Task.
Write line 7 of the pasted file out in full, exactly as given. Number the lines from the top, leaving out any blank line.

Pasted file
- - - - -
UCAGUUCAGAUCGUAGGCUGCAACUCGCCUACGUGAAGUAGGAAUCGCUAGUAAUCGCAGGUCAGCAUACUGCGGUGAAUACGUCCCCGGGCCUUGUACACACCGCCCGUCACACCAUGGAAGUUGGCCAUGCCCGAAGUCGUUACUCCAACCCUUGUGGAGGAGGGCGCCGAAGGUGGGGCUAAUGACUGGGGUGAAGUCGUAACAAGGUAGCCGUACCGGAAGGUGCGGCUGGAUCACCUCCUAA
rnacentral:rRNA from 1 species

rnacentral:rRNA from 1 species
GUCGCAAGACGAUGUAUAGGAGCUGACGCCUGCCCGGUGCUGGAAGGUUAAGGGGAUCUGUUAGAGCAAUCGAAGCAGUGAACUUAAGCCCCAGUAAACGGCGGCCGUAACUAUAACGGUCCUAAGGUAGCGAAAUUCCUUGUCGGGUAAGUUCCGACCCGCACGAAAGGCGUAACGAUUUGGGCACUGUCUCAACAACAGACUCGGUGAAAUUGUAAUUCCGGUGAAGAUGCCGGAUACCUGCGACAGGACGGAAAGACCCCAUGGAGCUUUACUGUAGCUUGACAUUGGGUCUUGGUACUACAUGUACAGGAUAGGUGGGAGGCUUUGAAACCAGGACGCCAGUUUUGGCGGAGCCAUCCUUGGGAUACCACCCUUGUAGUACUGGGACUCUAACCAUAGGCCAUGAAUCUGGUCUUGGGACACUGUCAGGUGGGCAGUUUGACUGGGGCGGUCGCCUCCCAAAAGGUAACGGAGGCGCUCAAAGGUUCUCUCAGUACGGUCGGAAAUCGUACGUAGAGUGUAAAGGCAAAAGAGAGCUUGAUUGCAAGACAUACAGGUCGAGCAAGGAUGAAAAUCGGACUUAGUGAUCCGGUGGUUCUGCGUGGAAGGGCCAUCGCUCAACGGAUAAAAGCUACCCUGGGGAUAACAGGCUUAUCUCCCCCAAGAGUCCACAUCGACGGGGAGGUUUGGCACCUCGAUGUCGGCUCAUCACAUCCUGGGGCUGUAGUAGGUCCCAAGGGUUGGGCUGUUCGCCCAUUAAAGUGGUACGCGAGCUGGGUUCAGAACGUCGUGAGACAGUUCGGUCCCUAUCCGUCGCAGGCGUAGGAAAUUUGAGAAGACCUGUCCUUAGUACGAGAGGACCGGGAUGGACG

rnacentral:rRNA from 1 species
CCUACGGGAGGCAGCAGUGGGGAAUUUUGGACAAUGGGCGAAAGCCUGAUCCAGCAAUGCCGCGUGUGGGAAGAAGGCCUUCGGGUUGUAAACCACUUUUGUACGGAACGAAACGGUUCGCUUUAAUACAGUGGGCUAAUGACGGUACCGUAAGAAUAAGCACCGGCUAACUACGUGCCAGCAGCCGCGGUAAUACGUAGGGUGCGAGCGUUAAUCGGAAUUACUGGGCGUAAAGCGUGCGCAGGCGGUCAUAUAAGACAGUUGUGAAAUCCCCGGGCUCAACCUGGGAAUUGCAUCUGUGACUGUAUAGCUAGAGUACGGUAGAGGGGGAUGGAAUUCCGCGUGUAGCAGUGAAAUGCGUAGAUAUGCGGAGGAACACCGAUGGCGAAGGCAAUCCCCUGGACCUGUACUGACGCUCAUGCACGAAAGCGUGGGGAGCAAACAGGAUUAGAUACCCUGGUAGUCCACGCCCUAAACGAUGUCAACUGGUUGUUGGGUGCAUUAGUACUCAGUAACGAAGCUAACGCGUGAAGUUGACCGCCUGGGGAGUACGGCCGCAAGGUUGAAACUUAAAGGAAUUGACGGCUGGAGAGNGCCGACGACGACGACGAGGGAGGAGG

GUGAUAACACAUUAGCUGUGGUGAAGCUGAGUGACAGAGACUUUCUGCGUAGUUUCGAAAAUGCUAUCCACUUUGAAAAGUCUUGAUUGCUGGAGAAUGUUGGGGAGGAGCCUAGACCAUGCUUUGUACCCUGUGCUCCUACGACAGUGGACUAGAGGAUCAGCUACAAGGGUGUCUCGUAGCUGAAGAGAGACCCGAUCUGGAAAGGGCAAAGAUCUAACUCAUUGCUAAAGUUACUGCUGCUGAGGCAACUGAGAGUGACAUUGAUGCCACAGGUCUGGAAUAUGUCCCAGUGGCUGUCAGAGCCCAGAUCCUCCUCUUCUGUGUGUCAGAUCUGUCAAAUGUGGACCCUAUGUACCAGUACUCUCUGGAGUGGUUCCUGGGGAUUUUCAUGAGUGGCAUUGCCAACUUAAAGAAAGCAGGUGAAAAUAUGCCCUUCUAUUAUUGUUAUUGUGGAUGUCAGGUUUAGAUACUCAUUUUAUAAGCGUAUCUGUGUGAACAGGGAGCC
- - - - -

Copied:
GUGAUAACACAUUAGCUGUGGUGAAGCUGAGUGACAGAGACUUUCUGCGUAGUUUCGAAAAUGCUAUCCACUUUGAAAAGUCUUGAUUGCUGGAGAAUGUUGGGGAGGAGCCUAGACCAUGCUUUGUACCCUGUGCUCCUACGACAGUGGACUAGAGGAUCAGCUACAAGGGUGUCUCGUAGCUGAAGAGAGACCCGAUCUGGAAAGGGCAAAGAUCUAACUCAUUGCUAAAGUUACUGCUGCUGAGGCAACUGAGAGUGACAUUGAUGCCACAGGUCUGGAAUAUGUCCCAGUGGCUGUCAGAGCCCAGAUCCUCCUCUUCUGUGUGUCAGAUCUGUCAAAUGUGGACCCUAUGUACCAGUACUCUCUGGAGUGGUUCCUGGGGAUUUUCAUGAGUGGCAUUGCCAACUUAAAGAAAGCAGGUGAAAAUAUGCCCUUCUAUUAUUGUUAUUGUGGAUGUCAGGUUUAGAUACUCAUUUUAUAAGCGUAUCUGUGUGAACAGGGAGCC